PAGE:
This feeling was heightened when we got the opportunity to enter The Savoy Centre, one of Glasgow’s iconic buildings, after hours. We couldn’t actually see the film because of the crowds, but who cares when we had the opportunity to admire the cheerily downmarket shopping centre sans customers and wander through its eclectic stores? The tour ended with a brace of screenings projected against the wall by the steps leading to Glasgow’s Concert Hall, which are soon to be demolished to make way for an extension to Buchanan Galleries. The final film just happened to be about a city community being sacrificed for a corporation’s financial gain. The irony was lost on no one.

There was another rally against the dangers of consumer capitalism in the form of Kevin B Lee’s razor-sharp video essay Transformers 4: The Pre-make. Utilising a new filmmaking form – ‘the desktop documentary’, which he has helped pioneer – the Chicago-based critic and filmmaker has created a thrilling critique of the blockbuster movie business that never leaves his MacBook screen, which acts as both the camera lens and the canvas on which the film plays out.

Lee’s film builds a tapestry of Transformers 4’s production by sourcing video footage from around the world, stacking it up on his desktop and creating a sly commentary with his juxtaposition of Google searches and video playback. It all goes a mile-a-minute, and seems to play out as one continual recording of Lee’s MacBook activities, with the mouse clicking on videos that seem to be being manipulated, resized and repositioned before our eyes. The audio is equally sophisticated. Using no dialogue, Lee lets the overlapping videos do the talking, leading us on a lucid and slyly satirical narrative.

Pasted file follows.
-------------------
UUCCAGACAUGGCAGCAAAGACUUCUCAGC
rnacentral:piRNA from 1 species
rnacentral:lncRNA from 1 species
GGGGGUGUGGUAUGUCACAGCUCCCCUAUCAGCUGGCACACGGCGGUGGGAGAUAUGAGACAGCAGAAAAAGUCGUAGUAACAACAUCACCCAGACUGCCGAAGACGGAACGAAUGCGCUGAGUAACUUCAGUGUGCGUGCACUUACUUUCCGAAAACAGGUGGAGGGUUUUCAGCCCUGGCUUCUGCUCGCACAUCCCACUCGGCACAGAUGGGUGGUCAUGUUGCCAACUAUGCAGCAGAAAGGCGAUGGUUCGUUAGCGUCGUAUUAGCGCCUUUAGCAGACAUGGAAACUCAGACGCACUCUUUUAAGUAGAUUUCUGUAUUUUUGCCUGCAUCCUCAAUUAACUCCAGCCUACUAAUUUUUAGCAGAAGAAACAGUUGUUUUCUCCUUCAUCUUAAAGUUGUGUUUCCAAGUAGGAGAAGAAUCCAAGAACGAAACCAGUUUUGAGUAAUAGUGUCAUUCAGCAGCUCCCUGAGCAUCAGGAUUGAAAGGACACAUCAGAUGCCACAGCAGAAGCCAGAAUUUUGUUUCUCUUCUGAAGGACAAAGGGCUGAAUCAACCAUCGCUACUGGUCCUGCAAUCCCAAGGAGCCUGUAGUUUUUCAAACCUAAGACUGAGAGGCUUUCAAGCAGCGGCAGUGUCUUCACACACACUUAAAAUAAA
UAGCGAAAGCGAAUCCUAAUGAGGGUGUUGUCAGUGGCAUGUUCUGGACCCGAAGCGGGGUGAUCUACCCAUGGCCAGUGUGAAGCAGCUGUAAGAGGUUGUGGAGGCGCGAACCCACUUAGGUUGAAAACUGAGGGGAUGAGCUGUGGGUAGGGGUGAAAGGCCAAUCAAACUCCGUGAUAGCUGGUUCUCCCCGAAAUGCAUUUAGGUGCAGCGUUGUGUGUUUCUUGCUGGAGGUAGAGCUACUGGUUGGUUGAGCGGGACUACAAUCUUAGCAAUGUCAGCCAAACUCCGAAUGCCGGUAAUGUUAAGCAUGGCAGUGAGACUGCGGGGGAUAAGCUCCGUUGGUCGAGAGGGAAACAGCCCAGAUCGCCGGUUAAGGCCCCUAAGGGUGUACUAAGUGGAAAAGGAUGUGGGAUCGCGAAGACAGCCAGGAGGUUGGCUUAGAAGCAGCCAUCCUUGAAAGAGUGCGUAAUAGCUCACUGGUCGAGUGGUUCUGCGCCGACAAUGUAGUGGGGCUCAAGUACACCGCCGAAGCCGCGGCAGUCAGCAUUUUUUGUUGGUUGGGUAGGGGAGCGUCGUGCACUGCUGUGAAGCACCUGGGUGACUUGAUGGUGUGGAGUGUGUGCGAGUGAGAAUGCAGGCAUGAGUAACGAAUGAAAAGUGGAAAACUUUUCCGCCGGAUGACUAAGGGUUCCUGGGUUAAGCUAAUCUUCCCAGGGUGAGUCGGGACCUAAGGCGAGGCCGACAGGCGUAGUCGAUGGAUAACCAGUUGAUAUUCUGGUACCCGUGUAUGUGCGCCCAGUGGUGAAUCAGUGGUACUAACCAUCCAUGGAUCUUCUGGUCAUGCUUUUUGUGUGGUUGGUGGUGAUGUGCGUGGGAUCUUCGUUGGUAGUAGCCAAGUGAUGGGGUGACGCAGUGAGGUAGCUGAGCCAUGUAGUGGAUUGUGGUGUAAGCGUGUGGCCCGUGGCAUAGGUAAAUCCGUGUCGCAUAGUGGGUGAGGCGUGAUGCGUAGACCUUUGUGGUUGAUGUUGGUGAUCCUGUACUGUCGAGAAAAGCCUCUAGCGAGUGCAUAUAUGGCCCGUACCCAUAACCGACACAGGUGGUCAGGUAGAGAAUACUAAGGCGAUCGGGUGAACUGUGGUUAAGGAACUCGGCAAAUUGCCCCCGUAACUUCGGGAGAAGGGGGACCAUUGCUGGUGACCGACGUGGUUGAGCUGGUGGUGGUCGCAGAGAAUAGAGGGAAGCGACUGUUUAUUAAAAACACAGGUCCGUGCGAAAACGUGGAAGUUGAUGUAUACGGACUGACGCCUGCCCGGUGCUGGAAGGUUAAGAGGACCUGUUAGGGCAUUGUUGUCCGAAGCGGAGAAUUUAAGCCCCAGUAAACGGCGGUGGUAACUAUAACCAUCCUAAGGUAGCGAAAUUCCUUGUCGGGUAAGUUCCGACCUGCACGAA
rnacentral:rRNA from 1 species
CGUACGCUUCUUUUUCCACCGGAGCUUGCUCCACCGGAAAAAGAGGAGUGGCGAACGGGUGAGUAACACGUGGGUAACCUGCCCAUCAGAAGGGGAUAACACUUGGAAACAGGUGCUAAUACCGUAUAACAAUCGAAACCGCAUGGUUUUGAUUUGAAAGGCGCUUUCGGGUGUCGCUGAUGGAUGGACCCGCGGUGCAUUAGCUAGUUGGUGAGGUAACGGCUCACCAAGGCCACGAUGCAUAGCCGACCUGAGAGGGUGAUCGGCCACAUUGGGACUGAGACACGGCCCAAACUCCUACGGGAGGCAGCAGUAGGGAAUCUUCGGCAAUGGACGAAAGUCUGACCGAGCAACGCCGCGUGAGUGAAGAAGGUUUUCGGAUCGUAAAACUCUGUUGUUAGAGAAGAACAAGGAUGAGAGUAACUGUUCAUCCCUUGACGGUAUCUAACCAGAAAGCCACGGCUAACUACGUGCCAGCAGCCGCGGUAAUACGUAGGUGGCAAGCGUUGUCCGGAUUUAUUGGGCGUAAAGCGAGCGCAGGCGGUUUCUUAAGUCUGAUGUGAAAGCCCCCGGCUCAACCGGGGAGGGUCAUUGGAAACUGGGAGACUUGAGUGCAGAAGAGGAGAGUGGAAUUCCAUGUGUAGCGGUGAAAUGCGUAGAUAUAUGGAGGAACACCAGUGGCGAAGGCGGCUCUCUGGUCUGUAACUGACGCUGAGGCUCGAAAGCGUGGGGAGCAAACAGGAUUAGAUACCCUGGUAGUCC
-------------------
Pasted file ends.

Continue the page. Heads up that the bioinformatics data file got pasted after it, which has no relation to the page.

Speaking after the screening, Lee made clear his intentions: “In trying to make this premake it really comes down to this question: Can you outrun capitalism? That’s really what [Transformers 4] is: this is capitalism at work in the world, manipulating all these different locations and different local film industries to create this massive filmmaking event that just gets force-fed down our throats everywhere. Is there any way that you can beat that?

"I think the typical point of resistance is to slow things down, or to check out. But for me it was just like, 'I’m going to dive right in'. If you’re using YouTube, I’m going to use Youtube. And if they’re going to move fast, I’m going to see if I can move faster. But I don’t know if that’s a winning strategy in the long run. It could just be advancing things down the shithole that we’re going through.”

If anyone was looking for an antidote to blockbuster filmmaking you’d find it in Glasgow Short Film Festival’s expertly curated International Competition. We only managed to make it to around half the programme, but what we saw suggest the “shithole” of mainstream cinema doesn’t have to be our only path. Here's our rundown of some of the highlights from the International Competition.

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Glasgow Short Film Festival ran 11-15 March